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Turkey’s performance has beaten the expectations of most analysts.
Turkey’s performance has beaten the expectations of most analysts.

Turkey Economy Rebounds

Turkey Economy Rebounds

It was a very difficult time for Turkey. A few months after a failed coup on July 15, 2016, President Recep Tayyip Erdogan was asking people to sell their dollar-denominated savings and instead buy the local currency–lira.
Once a promising asset for international investors, the lira rapidly lost value in the later half of the year, as businesses and households rushed to the safety of foreign currencies, TRTWorld reported.
Economic growth was down. The world’s top rating agencies advised it wasn’t wise to invest in the country. And there were concerns over its high foreign corporate debt. Then the unexpected happened.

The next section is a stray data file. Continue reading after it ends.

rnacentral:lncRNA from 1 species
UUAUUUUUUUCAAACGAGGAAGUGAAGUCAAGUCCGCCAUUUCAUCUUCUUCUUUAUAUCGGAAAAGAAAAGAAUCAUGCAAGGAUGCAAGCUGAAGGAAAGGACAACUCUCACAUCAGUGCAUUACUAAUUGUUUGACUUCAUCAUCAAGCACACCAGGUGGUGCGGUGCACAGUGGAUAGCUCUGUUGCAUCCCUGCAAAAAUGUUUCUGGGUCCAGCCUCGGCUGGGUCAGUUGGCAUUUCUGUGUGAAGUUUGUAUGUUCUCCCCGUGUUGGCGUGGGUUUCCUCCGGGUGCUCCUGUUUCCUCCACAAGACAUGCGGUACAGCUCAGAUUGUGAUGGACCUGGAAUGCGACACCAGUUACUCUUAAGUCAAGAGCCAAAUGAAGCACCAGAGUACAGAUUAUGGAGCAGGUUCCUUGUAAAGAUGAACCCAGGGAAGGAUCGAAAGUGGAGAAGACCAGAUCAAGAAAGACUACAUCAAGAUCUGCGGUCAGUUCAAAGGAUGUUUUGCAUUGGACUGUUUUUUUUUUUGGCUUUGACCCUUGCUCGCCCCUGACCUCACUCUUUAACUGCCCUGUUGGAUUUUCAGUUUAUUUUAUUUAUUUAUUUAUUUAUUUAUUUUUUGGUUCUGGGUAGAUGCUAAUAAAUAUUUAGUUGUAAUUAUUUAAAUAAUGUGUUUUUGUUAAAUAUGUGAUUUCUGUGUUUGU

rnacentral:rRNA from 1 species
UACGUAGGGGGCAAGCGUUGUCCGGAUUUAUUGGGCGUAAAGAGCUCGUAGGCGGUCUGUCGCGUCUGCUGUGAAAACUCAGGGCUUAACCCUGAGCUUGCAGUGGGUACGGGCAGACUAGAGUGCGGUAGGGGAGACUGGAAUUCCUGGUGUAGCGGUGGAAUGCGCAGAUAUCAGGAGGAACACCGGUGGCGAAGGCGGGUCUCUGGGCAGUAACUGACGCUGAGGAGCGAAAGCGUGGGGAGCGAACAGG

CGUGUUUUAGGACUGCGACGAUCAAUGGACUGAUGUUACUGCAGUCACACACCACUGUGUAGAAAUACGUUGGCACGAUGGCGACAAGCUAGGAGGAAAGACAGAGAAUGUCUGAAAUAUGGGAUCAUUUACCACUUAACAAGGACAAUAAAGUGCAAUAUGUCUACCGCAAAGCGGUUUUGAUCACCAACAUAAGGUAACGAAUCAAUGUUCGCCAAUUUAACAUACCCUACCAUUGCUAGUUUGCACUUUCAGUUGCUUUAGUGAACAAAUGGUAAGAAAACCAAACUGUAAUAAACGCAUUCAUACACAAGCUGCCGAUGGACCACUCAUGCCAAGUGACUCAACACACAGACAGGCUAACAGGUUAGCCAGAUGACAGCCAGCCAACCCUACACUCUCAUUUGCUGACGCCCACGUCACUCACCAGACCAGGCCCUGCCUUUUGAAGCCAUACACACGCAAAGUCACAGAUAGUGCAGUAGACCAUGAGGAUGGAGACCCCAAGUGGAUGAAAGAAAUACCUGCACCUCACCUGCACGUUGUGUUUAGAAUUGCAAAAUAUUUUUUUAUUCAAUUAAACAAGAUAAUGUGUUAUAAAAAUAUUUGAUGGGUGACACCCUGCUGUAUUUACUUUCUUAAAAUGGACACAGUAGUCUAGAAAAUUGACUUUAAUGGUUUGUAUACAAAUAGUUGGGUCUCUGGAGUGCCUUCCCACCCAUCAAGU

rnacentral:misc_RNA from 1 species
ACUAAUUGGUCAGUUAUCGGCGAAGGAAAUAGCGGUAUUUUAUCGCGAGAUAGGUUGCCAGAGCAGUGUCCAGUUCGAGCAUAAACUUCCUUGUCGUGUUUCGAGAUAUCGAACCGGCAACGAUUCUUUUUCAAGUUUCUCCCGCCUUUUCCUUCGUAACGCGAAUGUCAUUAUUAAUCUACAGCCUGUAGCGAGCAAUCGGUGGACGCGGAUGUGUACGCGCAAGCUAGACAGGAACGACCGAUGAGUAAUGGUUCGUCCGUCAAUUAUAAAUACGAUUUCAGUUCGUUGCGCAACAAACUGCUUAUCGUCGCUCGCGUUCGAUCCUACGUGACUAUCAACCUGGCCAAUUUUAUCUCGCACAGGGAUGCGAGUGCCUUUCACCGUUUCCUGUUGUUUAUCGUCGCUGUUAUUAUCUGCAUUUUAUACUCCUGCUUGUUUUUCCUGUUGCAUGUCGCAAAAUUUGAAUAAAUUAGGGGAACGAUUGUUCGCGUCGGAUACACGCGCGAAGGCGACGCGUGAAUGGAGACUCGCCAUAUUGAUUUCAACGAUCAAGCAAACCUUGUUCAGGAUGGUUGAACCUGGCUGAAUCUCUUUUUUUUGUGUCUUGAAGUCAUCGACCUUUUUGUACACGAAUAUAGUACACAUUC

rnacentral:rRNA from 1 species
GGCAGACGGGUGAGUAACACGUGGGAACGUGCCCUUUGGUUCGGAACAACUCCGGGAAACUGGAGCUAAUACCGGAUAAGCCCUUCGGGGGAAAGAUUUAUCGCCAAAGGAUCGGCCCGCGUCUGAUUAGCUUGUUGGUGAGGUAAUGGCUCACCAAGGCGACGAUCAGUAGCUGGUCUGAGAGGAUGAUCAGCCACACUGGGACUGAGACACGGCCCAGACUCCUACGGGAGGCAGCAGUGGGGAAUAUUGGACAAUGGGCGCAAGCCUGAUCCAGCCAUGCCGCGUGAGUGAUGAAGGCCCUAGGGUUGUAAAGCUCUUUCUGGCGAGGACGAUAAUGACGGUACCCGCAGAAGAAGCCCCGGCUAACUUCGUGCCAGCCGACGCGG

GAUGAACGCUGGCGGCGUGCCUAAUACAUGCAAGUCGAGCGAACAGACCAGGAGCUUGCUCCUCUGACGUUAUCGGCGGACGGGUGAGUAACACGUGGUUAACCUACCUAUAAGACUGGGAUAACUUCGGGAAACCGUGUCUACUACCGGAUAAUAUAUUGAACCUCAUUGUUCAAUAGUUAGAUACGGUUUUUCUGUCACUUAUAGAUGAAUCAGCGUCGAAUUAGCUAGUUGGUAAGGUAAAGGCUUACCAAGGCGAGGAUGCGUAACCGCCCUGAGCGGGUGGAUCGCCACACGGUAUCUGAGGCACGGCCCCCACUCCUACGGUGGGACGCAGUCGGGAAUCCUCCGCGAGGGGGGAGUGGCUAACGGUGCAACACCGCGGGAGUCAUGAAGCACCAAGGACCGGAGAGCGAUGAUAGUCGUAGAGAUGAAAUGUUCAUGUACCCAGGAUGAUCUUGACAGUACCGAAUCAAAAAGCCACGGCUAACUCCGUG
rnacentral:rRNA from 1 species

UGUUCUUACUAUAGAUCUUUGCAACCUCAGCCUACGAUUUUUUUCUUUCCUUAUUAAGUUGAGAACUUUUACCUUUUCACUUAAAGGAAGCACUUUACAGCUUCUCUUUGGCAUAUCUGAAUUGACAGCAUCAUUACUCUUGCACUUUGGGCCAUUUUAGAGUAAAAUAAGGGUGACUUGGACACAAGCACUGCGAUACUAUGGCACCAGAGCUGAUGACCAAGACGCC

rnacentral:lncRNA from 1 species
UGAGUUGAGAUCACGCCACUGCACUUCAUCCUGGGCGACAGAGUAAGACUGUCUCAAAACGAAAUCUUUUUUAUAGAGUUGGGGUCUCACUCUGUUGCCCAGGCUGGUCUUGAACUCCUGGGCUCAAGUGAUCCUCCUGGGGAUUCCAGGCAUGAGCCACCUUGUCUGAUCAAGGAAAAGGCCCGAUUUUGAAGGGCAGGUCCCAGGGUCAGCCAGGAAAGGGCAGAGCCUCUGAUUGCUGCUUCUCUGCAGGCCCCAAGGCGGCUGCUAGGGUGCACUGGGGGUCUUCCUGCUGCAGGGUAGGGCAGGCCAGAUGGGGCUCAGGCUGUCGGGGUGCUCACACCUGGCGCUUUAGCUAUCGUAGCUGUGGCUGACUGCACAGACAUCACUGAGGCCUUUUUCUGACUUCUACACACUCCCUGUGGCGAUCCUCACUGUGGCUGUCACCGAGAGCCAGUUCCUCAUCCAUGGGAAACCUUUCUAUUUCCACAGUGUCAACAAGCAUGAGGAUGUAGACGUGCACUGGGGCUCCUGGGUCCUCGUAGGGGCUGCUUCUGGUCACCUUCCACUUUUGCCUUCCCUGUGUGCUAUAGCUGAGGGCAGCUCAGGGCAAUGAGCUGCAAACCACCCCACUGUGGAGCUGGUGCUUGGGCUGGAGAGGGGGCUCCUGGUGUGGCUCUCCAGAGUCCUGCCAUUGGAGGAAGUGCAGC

Growth came roaring back. The GDP, a measure of output of goods and services produced in an economy, hit 5% in the first three months of 2017.
That performance beat the expectations of most analysts, coming just months after GDP shrank 1.8% during July-September 2016, one of the worst performing quarters for Turkey in years.
The World Bank also upgraded its outlook, revising its full-year growth estimate by half a percentage point. Just months before, the global lender had expressed concern over political uncertainty in the country. Other indicators that had worried Turkey’s economic managers took a turn for the better as well.
Exports rose more than 9% in five months to May this year, according to the Turkish Statistical Institute. Better Russian ties are expected to boost the tourism industry. And the lira has been relatively stable for most of 2017.
There hasn’t been any drastic shift in the factors that drive the economy. But timely government intervention has helped shore up confidence and investments, says emerging markets analyst Timothy Ash of Bluebay Asset Management.
Government spending, for one, has increased over the past year, for instance through an initiative to subsidize the employment cost of newly hired workers.

 

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